The past week has experienced the convergence of four high profile tragedies. The ongoing drought in the Horn of Africa impacts millions, Amy Winehouse died after a long battle with substance abuse, a single man terrorized Oslo killing nearly 70 people, and a two trains collided head on killing 39. All have happened in quick succession and all have lead to some very hasty reporting.
This lead some people to comment on twitter and blogs about the rapid changing media from one story to another and the drive for sensationalism. Some argued that the millions affected by the drought in the Horn of Africa should be getting far more media coverage relative to the other tragedies.
There is no doubt that there not only needs to be more coverage, but better coverage. Owen Barder, Ed Carr and More Altitude have written excellent posts on this. However, any loss of life should not be weighed as more tragic than any other.
This kind of binary view of lives having greater or lesser value is a serious problem. Either extreme misses the point. One side will place greater value on the self or what is local. So they will argue that Americans should take care of America first. This has become a favorite argument for commentators who want to end foreign aid. I listen to my fair share of conservative radio and it has become one of the favorites amidst the budget crisis.
The argument goes that we are experiencing hard times and need to prioritize ourselves above all others. It is easy to see why this argument would lend itself to the idea of eliminating foreign aid and also why entitlements are the next target on the list.
This narrow view of humanity is dangerous. It is why the death of Amy Winehouse resonates more strongly within some people. To some, the loss is a great musician and singer. This can make her passing seem more important, because it is felt personally. People dying of starvation or being shot by a gunman have a distance between what we have experienced in our every day lives.
Food insecurity, for most Americans, is something that is never considered. Many are unaware of the privilege of being born into a nation with such a strong economy and chance to make a reasonable living. This breeds a disconnect on the basic level of humanity.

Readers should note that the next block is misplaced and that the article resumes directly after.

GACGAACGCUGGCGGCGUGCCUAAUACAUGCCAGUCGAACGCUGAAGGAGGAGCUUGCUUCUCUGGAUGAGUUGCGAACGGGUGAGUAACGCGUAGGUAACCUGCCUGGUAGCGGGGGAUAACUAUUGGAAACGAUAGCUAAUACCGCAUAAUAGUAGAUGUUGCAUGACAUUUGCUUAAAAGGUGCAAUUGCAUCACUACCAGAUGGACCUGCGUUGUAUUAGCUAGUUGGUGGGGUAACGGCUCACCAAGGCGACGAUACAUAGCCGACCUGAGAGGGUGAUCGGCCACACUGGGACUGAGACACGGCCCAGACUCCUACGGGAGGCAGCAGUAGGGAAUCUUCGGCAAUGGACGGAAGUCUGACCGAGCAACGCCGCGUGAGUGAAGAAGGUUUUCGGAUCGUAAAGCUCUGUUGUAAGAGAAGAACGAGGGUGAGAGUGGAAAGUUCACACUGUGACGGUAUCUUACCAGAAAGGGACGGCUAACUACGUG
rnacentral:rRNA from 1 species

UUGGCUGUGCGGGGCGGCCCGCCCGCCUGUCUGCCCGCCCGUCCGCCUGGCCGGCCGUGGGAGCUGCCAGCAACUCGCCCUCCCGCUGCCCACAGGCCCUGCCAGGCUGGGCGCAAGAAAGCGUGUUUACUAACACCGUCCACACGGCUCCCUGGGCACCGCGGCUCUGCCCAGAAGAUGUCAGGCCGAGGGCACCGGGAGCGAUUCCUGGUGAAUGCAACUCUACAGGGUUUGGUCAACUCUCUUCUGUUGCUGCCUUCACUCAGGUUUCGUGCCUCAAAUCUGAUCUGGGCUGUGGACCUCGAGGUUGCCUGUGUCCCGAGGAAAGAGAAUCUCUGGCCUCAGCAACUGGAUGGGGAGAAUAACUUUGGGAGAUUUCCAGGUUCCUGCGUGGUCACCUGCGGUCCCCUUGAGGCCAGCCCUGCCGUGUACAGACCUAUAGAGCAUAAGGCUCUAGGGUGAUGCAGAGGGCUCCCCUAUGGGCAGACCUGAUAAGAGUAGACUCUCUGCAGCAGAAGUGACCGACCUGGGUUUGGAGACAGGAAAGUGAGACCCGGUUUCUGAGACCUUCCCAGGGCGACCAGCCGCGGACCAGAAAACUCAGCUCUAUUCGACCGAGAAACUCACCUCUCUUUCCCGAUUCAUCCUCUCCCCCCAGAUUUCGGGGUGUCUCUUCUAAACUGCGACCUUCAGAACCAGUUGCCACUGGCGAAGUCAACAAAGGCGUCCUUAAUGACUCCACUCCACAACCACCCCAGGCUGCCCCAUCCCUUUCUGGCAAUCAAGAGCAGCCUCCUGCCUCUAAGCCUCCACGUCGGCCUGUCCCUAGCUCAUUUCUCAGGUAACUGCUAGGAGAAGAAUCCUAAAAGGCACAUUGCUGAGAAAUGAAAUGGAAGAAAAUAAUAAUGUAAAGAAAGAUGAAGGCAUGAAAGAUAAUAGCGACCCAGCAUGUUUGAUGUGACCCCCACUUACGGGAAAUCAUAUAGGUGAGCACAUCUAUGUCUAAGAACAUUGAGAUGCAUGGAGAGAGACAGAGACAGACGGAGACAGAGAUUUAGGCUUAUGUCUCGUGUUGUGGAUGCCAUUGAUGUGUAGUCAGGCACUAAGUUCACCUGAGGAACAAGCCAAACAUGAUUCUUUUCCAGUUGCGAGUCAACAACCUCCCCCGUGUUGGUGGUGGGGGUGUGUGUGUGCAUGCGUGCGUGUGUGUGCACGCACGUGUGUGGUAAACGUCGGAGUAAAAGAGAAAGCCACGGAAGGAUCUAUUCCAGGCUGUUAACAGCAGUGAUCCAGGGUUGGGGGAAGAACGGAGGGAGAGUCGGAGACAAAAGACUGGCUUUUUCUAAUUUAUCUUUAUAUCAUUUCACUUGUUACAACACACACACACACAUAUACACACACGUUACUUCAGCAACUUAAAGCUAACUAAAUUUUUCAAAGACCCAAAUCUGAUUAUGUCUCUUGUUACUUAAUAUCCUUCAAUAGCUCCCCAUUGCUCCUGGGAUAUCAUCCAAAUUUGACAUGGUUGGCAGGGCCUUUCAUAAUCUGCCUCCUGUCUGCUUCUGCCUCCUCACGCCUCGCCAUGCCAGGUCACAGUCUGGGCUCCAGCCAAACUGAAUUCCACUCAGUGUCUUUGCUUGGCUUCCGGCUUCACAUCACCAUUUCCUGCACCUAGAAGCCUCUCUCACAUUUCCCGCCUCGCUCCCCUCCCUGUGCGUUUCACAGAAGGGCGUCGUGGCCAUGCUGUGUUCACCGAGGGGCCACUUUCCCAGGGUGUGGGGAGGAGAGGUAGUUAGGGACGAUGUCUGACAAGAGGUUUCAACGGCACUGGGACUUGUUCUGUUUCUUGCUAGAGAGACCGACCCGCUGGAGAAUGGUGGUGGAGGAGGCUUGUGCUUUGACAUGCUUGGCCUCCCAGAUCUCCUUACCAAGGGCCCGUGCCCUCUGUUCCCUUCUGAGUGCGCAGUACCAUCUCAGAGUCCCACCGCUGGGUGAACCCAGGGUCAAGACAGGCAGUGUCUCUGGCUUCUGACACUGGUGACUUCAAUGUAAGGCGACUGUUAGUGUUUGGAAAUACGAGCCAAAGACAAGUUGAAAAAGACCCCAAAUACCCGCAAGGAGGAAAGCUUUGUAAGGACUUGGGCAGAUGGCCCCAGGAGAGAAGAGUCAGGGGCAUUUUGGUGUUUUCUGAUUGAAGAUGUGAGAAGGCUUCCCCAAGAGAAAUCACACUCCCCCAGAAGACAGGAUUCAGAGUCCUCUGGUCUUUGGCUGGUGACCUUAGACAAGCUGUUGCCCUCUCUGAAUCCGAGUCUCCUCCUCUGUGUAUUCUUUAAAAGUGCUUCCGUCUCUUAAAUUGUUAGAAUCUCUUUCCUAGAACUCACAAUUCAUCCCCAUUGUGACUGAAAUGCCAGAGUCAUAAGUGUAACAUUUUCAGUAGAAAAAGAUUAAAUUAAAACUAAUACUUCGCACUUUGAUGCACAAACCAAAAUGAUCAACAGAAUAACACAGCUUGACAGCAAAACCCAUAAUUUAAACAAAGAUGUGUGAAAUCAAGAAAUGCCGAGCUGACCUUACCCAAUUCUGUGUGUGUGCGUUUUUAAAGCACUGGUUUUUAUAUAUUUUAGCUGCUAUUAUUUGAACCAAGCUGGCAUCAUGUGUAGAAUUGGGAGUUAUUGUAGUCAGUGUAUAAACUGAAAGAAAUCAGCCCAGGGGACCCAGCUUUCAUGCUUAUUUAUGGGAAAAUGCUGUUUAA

Bec Hamilton articluates this point well in the conclusion section of her excellent book Fighting for Darfur(review will be written soon).
[I]f sacrifices paid by those inside our borders continue to weigh much heavier than the benefits they accrue to people outside our borders, then we do not have the legitimacy to ask China or any other country to disrupt its national priorities to help the citizens of a foreign country. And it makes little sense to speak of the political will of those in power when, as now, the system they are working within is structurally aligned with the idea that the comfort and the well-being of people "here" matter more than life or death for people "there."Peter Singer makes the same rough argument when he describes his 'drowning child' scenario. I think that Bec says it better by pointing out the problems with viewing people as 'us' and 'them.' Those arguing that the Horn of Africa needs further coverage should expand their view when considering the other tragedies this week. They are right, but have an opportunity to point out that unnecessary death and suffering are unacceptable regardless of the circumstance.
What connects these four events is that there are ways that they can be addressed and mitigated. Sadly, three have come to pass and there is no way back. The Horn of Africa is a place where this trend can and should be reserved. Food aid and relief can save lives and further support can hopefully prevent this from happening again.